Original image: The Knowles Gallery
The Too-Perfect Alibi
Starring: Danny Kaye
Originally aired: 13 January 1949
Plot synopsis: A man besotted with his friend's fiancée plans the 'perfect' murder to dispose of his rival.
Favourite line: 'It is the guilty who suffer.'
Review: To my mind, this story is as good as any of the more famous Suspense episodes. It is a very well constructed and executed piece, with a great twist in the tale. Danny Kaye is best known for his roles in light comedy films, but here he plays completely against type. The episode is a twisted reworking of the Prince Charming fairy tale, with Kaye as a very dark Prince who will stop at nothing, including murder, to win his Princess. However, the reason he does not achieve his heart's desire is not the one commonly relied upon in thrillers - the justice that is usually meted out to killers - but a much harsher, darker one. This makes for a very memorable story, in which the scenario is worked through with remorseless logic to its bleak conclusion. (For those who enjoyed this story, I would recommend another very good Suspense episode that similarly features a comedian in a role very different to the ones for which he was best known, the Bob Hope-starring Death Has a Shadow.)
Rating: * * * * *
The Track of the Cat
Starring: Richard Widmark
Originally aired: 18 February 1952
Plot synopsis: A pair of brothers embarks on a hunt for a large black panther that has been attacking the cattle on their ranch. Based on a novel by Walter Van Tilburg Clark, first published in 1949.
Favourite line: 'You're not hunting that cat anymore - that cat's hunting you.'
Review: This story is a gripping adventure yarn, which is more sophisticated than a brief summary of the plot might suggest. Like all the best hunting stories, such as Herman Melville's Moby Dick or William Faulkner's 'The Bear', it is not really about the animal being hunted, but about the hunters. In this case, it is about a family riven by in-fighting, which is largely down to the machinations of a jealous, scheming brother. As the hunt for the panther takes its toll, it becomes the symbol of a guilty conscience, and the story turns into a tale of psychological disintegration. This descent into confusion and madness is ably portrayed by Richard Widmark in the lead role. The story isn't in the same league as Melville's or Faulkner's, but even so, it is a satisfying, rewarding one. (For listeners interested in hunting-based episodes, another worth trying is Game Hunt.)
Rating: * * *
[Other adaptations: Film - The Track of the Cat (1954)]
Trent's Last Case
Starring: Ronald Colman
Originally aired: 7 December 1953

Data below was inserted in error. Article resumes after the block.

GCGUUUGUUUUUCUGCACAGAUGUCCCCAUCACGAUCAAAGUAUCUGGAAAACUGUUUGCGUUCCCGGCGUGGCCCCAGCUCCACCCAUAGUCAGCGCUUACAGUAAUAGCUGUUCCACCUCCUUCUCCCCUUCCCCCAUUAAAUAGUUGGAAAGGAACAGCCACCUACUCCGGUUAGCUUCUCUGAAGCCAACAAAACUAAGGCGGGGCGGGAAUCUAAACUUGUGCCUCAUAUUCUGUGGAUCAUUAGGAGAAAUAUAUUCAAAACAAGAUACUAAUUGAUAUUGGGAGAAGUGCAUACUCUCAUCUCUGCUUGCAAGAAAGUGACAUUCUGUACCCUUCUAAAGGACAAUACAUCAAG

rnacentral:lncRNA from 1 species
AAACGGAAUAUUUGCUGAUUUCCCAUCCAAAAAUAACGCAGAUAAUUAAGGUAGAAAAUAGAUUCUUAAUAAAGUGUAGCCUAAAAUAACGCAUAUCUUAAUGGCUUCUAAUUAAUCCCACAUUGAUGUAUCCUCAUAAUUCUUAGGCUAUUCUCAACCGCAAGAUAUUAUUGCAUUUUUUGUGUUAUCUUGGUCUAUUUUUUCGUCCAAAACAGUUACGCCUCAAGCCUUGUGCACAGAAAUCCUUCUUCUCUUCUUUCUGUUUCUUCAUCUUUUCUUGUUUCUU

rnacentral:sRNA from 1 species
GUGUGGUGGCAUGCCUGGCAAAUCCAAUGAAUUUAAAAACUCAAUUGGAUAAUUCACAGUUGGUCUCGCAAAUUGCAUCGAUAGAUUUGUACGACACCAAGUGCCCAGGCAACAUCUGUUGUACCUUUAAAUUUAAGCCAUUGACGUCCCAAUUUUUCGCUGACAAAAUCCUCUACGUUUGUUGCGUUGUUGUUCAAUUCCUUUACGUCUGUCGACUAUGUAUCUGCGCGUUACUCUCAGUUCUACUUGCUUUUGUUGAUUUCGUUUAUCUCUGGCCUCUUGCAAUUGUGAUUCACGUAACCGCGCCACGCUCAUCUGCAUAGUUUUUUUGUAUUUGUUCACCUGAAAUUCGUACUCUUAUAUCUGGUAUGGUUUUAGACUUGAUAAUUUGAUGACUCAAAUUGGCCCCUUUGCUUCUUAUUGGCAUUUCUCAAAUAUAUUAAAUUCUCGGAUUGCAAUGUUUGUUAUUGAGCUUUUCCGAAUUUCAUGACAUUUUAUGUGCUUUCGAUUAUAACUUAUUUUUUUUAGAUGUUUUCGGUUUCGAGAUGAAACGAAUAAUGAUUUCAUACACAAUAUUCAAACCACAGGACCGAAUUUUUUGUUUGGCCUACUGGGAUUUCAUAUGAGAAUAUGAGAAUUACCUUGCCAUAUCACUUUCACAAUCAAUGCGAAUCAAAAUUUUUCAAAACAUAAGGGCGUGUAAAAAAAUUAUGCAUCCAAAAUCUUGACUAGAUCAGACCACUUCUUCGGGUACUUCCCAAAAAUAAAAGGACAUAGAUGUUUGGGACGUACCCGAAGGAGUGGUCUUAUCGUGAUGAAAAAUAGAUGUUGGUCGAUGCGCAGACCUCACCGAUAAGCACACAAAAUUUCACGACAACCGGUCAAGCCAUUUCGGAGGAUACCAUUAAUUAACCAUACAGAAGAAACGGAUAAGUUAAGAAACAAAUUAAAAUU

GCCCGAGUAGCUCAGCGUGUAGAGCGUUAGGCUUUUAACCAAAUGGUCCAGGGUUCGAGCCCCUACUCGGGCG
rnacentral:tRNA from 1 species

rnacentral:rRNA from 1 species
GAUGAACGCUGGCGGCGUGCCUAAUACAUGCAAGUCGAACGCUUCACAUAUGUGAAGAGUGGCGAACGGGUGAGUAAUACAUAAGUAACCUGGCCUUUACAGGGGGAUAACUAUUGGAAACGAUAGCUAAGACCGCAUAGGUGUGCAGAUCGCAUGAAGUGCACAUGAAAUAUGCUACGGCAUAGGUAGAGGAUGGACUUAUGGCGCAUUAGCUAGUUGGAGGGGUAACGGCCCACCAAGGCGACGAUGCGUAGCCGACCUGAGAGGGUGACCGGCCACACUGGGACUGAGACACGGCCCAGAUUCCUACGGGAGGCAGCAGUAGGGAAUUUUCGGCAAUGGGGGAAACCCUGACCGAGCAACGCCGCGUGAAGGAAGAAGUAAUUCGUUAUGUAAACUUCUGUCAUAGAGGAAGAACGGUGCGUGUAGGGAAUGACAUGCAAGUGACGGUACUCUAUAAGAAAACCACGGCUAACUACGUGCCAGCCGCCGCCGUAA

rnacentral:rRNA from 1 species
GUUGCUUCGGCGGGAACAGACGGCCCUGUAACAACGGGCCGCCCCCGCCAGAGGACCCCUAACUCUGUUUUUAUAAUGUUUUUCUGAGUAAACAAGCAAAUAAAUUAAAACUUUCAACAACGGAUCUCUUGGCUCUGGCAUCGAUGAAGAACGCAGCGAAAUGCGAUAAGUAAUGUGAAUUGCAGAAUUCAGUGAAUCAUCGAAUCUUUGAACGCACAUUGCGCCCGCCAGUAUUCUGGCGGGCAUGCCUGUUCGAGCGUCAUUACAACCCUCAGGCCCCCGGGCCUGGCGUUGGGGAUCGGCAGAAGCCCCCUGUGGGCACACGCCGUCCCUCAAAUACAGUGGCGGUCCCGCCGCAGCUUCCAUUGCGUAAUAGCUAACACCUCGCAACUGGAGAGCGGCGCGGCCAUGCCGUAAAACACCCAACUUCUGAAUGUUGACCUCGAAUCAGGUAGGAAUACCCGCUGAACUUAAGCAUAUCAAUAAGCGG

Plot synopsis: Amateur detective Philip Trent embarks on his final case, the murder of an American millionaire at his British country estate. Based on a novel of the same name by E. C. Bentley, first published in 1913.
Favourite line: 'I found myself at the cliff again and each crashing wave was like a hammer blow on my heart.'
Review: Based on a classic novel, which occupies a notable place in the pantheon of British crime fiction, this is a fine episode, even if the story does feel dated in certain respects. Set in the early years of the twentieth century, it may initially seem unexceptional, thanks to the various clichés of the genre it contains, including an amateur detective, a country house and a suspicious butler. Yet there is much more to the story than first appears. The original novel was written as a reaction against the overly serious nature of the Sherlock Holmes stories, as well as the infallibility of the famous sleuth. Thus, in contrast to Conan Doyle's hero, the protagonist of this story seems to do everything wrong. For starters - SPOILER ALERT! - he falls in love with the wife of the man whose murder he is investigating, even though she is a prime suspect. Yet even more significant is that many of his deductions turn out to be mistaken, meaning that he doesn't actually solve the case correctly! His repeated declarations that this is to be his last assignment (even though the novel upon which the episode was based was, in fact, the first to feature the detective) also add a certain world-weary appeal to the character. Overall, then, a very interesting story, especially when understood as an attempt to present a more realistic, flawed hero than was the norm for the time it was written. (Another episode featuring an 'anti-Holmesian' detective who is far from infallible is A Passage to Benares.)
Rating: * * * *
[Other adaptations: Film - Trent's Last Case (1920), Trent's Last Case (1929), Trent's Last Case (1952)]
Starring: Michael O'Shea
Originally aired: 11 September 1947
Plot synopsis: When a radio comedy writer starts to worry that his partner's impending marriage will break up their partnership, he becomes willing to resort to murder to prevent this from happening.
Favourite line: 'We've always done what we wanted to, loafed all day, worked all night, ate and slept at any crazy hour - now, no dame is gonna stand for that.'
Review: Although this story centres on a pair of comedy writers, it doesn't contain many jokes. It is, though, a very enjoyable episode, with some good banter between the two main characters, and an inventive plot. It offers an interesting insight into the working life of a writing partnership, in which even though both parties may hate each other, they nonetheless need each other for the sake of their careers. As the title indicates, there is a twist at the end, and it's a decent one, clever and not too predictable. Not so sure about that title, though - 'The Twist' could have been used for virtually any Suspense episode! (Listeners may also like to know that there are two other episodes in which a scriptwriter becomes involved in murder, both of which are similarly very good, A Murderous Revision and Script by Mark Brady.)
Rating: * * * *